water glas

Silicate paints are the oldest type of façade paints. They are produced on the basis of a mineral bonding agent – potassium water glass.
When potassium silicate reacts with oxygen in the air it produces a silica gel (K2SiO3 + CO2 = SiO2gel + K2CO3), which bonds the pigment and filler particles in the paint and reacts with silicate fillers that are contained in the base plaster, through the process of silicification – paint chemically binds to the base.


Silicate paints are currently undergoing a renaissance, as it has been found that not all base layers are suitable for dispersion façade paints. This paint perfectly evens out the structural differences between old and new plaster, including restoration plaster.

It can also cover micro-cracks in base plasters and creates a unique transition bridge between the old dispersion paint and the new silicate paint.

Its characteristic optical properties give painted surfaces a natural mineral matte look. If the principles for working with silicate paints are followed properly, these paints are highly constant, and how long they last depends solely on the quality of the base plaster.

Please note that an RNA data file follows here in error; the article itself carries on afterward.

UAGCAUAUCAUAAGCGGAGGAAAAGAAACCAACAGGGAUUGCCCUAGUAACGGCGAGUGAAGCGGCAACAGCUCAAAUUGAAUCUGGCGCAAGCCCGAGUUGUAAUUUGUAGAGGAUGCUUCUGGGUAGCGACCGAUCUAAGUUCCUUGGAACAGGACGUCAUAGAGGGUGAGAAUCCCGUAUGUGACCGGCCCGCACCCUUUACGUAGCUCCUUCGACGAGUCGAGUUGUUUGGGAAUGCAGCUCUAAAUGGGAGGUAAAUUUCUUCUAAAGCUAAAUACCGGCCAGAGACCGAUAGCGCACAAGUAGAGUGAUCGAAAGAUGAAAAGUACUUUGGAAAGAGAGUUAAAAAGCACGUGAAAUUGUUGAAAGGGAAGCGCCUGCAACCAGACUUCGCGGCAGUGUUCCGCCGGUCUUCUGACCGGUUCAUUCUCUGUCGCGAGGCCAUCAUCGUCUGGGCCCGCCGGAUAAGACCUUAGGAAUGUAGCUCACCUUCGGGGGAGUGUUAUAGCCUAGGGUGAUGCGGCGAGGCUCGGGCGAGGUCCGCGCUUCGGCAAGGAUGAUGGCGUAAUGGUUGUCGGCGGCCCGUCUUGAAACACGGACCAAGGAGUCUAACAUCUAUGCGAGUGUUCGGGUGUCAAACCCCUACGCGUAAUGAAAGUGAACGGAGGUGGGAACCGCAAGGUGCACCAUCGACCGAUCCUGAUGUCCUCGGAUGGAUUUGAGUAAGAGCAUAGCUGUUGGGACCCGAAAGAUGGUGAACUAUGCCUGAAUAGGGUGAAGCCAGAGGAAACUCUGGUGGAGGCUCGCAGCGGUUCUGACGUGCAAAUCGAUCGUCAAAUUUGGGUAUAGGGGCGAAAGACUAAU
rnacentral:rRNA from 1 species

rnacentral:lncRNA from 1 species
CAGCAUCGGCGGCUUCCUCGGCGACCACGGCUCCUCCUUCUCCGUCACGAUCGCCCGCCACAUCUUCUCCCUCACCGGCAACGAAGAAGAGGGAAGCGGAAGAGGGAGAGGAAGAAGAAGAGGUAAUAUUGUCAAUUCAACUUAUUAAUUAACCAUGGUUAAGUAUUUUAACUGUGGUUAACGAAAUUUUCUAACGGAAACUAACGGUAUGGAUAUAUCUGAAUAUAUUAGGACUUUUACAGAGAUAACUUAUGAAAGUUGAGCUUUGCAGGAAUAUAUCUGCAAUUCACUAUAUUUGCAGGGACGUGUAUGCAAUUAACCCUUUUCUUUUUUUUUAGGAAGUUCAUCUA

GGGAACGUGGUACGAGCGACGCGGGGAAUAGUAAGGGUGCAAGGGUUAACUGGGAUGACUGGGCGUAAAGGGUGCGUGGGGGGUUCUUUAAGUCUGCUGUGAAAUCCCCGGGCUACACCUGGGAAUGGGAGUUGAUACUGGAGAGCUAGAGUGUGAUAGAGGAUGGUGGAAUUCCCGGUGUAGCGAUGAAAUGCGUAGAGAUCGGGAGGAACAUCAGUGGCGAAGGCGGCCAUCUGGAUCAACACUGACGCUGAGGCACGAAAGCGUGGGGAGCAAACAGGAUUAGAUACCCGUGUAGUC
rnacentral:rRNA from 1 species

The bond is highly stable and resistant to acids. Silicate paints are equally long-lasting, and this applies for all generations of silicate.


– excellent vapour permeability
– excellent adhesion
(result of chemical bonding to the base)
– low water absorption
– long-lasting
– natural appearance that does not change


only on purely mineral surfaces
– lime plasters
– lime-cement plasters
– restoration plasters